As a used guitar seller I've found I end up looking for guitars I like myself more than anything else. Gibson's Joan Jett Melody Maker definitely qualifies. Since I came across one a couple years ago, it's become my main axe. Why? I love the pickup; it's very lightweight; the ebony fretboard is great; and the thin worn finish is actually pretty sweet. Gibson introduced the Melody Maker back in the day as a cheap student guitar. But they caught on with serious players, including one Ms Joan Jett. Gibson couldn't 100% re-create her guitar with this re-issue. Jett's guitar was modified with a Red Rhodes Velvet Hammer pickup, which aren't around anymore, so they substituted the Gibson Burstbucker 3. It's based on early PAF humbuckers with a modern twist of slightly overwound coils for more punch.
Also, they couldn't re-create the mish-mosh of stickers she plastered all over hers, but I guess we can forgive that. At least they got the major stuff right. Such as the very thin, light and resonant double cutaway mahogany body and the simple rock and roll one pickup setup with volume/tone and kill switch. (I guess Joan liked the kill switch for all the breaks in her songs calling for audience clapping, singing, etc.) I've heard lots of people saying they switched out the pickup. Me? I love it. It's very high output and very warm. For me it beats out the 500T pickup in my Gibson SG-X by a hair because I like the little added warmth. Both provide a wall of distortion and decent clarity.
If you're like me, you might not know much about ebony fretboards. Once you get your hands on one, you'll probably like it. I do. People say they tend to have little issues with temperature changes, such as expanding and contracting, but it feels great. The neck has a rounded profile, probably more suitable to rhythm players and power chords than lead shredding. These come outfitted with mini Grovers that do a decent job, but I thought it was worth throwing on some Planet Waves locking tuners, as well as a bridge with roller saddles. Other than that, not much I'd change, except perhaps changing the kill switch to a pickup splitter, but that can wait.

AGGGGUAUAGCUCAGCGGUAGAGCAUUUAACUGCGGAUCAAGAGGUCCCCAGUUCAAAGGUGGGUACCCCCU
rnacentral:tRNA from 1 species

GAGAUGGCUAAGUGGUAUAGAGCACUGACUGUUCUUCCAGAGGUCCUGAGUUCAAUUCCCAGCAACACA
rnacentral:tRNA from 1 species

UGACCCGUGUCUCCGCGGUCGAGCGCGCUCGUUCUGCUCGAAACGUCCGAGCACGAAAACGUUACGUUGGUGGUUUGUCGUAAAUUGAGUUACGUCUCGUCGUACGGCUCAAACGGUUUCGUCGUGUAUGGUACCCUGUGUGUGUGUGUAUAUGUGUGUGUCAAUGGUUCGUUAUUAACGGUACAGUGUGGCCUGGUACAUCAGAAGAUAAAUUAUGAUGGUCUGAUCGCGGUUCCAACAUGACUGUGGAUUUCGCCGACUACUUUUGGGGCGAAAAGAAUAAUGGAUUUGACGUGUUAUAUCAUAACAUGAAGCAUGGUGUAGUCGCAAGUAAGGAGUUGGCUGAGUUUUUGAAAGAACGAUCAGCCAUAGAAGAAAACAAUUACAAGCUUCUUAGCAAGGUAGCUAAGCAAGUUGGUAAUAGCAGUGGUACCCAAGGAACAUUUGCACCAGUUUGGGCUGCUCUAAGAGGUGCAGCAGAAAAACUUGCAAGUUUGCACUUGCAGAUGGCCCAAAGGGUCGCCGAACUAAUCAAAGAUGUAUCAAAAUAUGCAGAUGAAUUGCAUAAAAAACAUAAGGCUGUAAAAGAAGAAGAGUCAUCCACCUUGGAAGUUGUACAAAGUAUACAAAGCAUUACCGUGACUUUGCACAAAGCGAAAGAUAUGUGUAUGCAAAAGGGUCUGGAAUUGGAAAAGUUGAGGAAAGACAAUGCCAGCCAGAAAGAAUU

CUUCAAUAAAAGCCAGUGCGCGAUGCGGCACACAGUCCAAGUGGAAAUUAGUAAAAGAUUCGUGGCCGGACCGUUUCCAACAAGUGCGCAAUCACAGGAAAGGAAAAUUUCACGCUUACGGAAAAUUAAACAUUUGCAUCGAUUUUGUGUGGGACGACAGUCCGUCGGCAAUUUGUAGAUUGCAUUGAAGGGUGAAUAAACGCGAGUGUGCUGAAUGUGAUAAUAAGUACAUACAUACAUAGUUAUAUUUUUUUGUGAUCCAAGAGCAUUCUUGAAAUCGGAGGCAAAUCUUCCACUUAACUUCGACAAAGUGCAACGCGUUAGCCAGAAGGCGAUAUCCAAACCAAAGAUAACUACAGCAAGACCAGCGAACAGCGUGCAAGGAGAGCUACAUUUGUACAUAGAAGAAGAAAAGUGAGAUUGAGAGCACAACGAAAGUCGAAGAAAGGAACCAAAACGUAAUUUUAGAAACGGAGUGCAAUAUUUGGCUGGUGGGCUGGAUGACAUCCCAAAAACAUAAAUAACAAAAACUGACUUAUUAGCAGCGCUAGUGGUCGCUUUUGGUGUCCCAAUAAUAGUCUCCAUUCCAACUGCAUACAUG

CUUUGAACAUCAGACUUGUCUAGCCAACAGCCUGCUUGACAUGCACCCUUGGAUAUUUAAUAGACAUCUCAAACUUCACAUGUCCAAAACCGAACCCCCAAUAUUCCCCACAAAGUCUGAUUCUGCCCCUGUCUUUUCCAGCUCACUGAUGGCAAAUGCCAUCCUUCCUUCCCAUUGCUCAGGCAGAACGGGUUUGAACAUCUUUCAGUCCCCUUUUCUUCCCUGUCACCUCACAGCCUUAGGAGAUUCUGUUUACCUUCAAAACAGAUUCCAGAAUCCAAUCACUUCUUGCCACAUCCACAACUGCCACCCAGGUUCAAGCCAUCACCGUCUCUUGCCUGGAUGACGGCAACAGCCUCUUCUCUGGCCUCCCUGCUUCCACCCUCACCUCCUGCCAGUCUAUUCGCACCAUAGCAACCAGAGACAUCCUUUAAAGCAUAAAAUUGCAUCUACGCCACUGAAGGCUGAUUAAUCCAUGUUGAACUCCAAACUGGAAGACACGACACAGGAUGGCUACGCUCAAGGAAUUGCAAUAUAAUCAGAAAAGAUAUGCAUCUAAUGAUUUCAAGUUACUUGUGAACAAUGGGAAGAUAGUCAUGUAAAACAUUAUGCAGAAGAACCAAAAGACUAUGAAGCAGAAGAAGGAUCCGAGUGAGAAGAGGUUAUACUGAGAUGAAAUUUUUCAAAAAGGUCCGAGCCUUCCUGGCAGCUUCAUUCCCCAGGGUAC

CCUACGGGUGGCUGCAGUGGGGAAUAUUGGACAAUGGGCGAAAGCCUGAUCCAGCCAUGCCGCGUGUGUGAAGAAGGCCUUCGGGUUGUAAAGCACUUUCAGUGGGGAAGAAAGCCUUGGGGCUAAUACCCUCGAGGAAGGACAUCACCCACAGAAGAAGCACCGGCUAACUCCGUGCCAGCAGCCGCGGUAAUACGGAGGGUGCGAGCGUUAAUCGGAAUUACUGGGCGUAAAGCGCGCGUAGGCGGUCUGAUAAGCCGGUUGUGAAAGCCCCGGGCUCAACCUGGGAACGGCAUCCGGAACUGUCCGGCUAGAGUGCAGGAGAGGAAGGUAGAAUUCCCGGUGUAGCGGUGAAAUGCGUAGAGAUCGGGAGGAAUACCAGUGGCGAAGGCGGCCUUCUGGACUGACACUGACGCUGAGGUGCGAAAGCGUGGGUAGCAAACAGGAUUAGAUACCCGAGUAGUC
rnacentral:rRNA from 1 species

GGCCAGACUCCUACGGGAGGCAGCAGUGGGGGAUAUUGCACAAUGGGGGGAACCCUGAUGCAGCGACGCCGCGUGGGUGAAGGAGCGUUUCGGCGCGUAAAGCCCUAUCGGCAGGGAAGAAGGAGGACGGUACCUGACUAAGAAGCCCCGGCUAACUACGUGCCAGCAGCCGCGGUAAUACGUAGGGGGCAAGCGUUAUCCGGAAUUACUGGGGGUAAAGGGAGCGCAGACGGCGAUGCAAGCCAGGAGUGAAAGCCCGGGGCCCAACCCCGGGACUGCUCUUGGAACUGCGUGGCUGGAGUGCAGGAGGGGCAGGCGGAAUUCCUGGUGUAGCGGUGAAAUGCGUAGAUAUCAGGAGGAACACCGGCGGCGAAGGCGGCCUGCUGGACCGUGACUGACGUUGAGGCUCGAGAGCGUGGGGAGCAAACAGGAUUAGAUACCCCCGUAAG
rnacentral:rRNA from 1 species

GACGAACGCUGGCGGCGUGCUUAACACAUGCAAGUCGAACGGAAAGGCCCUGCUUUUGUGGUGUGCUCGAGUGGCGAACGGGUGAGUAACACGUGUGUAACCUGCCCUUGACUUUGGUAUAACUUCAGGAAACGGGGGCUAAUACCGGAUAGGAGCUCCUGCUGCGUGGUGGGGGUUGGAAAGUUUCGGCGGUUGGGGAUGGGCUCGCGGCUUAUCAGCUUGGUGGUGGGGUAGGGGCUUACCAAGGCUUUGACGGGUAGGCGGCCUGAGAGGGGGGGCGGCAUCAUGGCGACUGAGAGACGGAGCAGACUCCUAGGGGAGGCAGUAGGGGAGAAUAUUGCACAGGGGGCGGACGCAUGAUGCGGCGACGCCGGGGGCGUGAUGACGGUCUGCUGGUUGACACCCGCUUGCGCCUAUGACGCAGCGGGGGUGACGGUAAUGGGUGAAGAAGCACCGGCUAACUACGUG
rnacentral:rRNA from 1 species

Many of the factory reliced guitars look like crap, but Gibson did a tasteful job on this one and the light coat of nitro finish means these will continue to relic quickly the more you play them. It also means there aren't 10 layers of finish impeding the guitar's resonance (or that's what the smart guys say anyway). After the initial release of the worn white version, Gibson released a "Blackheart" model with a black non-reliced satin finish. It does not have the same mojo as the white, and the black/white zebra pickup looks lame. The red dots and 12th fret hearts look ok….but nah, just get a white one. These come with a nice Gibson hard case. Expect to pay around a grand used, as they're out of production and a lot of people like them. Take it from me, you don't need to be a Joan Jett fan to love this guitar.